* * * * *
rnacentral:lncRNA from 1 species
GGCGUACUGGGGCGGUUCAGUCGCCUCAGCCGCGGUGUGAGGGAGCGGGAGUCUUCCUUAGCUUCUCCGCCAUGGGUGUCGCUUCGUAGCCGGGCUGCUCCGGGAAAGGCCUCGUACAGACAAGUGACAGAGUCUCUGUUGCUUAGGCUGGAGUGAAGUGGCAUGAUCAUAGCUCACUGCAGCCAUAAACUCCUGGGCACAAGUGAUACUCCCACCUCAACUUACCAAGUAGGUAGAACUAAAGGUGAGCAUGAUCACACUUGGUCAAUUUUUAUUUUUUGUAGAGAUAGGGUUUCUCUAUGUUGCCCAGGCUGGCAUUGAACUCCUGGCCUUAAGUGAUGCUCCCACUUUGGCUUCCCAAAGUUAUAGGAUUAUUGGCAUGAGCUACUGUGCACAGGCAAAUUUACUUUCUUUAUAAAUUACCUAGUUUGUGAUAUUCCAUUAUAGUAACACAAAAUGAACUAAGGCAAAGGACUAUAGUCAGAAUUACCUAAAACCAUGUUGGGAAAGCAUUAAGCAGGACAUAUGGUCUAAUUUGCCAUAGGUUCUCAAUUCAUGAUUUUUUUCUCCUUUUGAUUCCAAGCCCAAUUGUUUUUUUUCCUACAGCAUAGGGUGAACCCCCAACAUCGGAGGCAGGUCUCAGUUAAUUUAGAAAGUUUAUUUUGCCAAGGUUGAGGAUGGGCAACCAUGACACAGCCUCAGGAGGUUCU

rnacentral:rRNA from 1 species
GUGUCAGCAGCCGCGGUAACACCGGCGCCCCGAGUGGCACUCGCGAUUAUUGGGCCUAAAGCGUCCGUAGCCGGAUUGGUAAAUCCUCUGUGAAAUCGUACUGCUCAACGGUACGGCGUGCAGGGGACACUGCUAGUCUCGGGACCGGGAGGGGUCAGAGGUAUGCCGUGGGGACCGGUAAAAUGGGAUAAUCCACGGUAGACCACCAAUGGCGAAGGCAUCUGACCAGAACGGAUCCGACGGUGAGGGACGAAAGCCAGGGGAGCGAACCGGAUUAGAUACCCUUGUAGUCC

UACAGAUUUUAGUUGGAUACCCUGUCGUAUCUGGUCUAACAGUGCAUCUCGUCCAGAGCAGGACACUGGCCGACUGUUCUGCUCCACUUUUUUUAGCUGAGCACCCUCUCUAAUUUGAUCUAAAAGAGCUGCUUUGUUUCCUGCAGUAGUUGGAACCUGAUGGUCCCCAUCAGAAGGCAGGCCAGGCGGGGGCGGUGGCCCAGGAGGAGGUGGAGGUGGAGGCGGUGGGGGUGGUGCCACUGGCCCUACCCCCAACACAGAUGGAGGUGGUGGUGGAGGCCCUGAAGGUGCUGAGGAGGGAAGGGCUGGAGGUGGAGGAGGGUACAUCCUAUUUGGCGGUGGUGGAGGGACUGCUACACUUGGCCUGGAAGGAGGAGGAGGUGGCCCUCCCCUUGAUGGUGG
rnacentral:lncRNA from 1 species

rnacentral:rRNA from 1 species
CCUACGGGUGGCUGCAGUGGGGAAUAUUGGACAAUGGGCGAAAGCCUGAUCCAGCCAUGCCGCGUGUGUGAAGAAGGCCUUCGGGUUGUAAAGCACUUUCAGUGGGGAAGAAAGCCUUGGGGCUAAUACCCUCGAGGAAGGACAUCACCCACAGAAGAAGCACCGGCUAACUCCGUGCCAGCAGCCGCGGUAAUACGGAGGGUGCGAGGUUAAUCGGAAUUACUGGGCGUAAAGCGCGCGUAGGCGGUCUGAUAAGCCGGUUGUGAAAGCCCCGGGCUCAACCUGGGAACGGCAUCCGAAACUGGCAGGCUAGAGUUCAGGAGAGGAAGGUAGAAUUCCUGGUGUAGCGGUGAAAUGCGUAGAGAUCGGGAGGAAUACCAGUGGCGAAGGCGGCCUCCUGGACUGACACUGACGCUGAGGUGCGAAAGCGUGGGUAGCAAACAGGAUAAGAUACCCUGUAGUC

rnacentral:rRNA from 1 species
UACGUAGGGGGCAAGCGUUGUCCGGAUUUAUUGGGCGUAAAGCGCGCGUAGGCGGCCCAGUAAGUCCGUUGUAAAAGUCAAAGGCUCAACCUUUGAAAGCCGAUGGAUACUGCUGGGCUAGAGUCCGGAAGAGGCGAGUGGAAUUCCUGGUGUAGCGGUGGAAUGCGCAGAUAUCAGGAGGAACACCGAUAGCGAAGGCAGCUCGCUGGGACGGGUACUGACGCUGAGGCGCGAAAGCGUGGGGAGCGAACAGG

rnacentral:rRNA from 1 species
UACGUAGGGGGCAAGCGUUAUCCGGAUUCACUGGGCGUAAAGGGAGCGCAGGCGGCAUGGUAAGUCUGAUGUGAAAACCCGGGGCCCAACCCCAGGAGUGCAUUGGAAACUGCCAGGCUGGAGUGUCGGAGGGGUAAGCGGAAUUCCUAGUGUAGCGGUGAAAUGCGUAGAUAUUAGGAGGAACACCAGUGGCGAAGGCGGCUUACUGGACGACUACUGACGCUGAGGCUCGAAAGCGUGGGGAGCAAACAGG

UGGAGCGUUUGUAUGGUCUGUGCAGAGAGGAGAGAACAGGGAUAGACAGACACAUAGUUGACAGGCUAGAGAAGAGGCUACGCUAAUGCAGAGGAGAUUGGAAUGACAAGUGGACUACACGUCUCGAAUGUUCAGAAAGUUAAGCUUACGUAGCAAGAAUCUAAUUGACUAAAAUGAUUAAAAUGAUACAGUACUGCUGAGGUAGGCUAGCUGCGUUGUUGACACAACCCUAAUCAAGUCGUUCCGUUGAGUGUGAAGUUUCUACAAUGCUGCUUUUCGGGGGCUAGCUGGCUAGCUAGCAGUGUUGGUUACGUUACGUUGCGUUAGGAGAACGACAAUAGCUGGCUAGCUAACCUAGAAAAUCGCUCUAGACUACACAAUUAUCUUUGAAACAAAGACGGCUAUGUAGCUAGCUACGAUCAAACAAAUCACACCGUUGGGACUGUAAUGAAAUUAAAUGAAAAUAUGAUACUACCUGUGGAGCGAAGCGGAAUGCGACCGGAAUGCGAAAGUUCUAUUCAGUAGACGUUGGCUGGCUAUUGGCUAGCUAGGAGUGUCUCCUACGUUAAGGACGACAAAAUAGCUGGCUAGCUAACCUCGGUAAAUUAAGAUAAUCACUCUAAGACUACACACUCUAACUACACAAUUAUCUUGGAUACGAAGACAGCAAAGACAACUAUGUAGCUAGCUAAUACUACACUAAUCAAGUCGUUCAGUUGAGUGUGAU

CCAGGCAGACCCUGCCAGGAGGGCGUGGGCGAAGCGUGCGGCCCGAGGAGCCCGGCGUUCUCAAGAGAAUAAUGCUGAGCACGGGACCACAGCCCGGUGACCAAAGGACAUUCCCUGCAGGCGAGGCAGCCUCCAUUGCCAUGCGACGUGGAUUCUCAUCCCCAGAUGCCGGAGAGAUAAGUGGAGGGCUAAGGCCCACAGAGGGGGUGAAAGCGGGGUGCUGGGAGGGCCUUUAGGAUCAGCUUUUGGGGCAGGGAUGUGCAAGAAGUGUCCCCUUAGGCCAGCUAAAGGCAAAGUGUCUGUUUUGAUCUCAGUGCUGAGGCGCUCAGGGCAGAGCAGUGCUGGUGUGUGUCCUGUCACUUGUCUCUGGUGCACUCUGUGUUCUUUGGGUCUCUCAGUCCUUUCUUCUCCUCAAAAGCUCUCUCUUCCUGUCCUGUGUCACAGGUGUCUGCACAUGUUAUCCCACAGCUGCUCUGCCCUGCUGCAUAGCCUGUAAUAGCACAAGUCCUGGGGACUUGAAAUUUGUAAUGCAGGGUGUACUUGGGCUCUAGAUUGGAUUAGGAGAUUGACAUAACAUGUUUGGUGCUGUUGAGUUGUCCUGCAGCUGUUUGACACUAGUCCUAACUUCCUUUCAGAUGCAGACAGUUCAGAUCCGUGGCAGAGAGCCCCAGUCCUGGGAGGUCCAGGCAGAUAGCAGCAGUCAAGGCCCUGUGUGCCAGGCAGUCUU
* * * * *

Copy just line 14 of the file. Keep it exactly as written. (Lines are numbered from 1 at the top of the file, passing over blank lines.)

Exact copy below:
CCAGGCAGACCCUGCCAGGAGGGCGUGGGCGAAGCGUGCGGCCCGAGGAGCCCGGCGUUCUCAAGAGAAUAAUGCUGAGCACGGGACCACAGCCCGGUGACCAAAGGACAUUCCCUGCAGGCGAGGCAGCCUCCAUUGCCAUGCGACGUGGAUUCUCAUCCCCAGAUGCCGGAGAGAUAAGUGGAGGGCUAAGGCCCACAGAGGGGGUGAAAGCGGGGUGCUGGGAGGGCCUUUAGGAUCAGCUUUUGGGGCAGGGAUGUGCAAGAAGUGUCCCCUUAGGCCAGCUAAAGGCAAAGUGUCUGUUUUGAUCUCAGUGCUGAGGCGCUCAGGGCAGAGCAGUGCUGGUGUGUGUCCUGUCACUUGUCUCUGGUGCACUCUGUGUUCUUUGGGUCUCUCAGUCCUUUCUUCUCCUCAAAAGCUCUCUCUUCCUGUCCUGUGUCACAGGUGUCUGCACAUGUUAUCCCACAGCUGCUCUGCCCUGCUGCAUAGCCUGUAAUAGCACAAGUCCUGGGGACUUGAAAUUUGUAAUGCAGGGUGUACUUGGGCUCUAGAUUGGAUUAGGAGAUUGACAUAACAUGUUUGGUGCUGUUGAGUUGUCCUGCAGCUGUUUGACACUAGUCCUAACUUCCUUUCAGAUGCAGACAGUUCAGAUCCGUGGCAGAGAGCCCCAGUCCUGGGAGGUCCAGGCAGAUAGCAGCAGUCAAGGCCCUGUGUGCCAGGCAGUCUU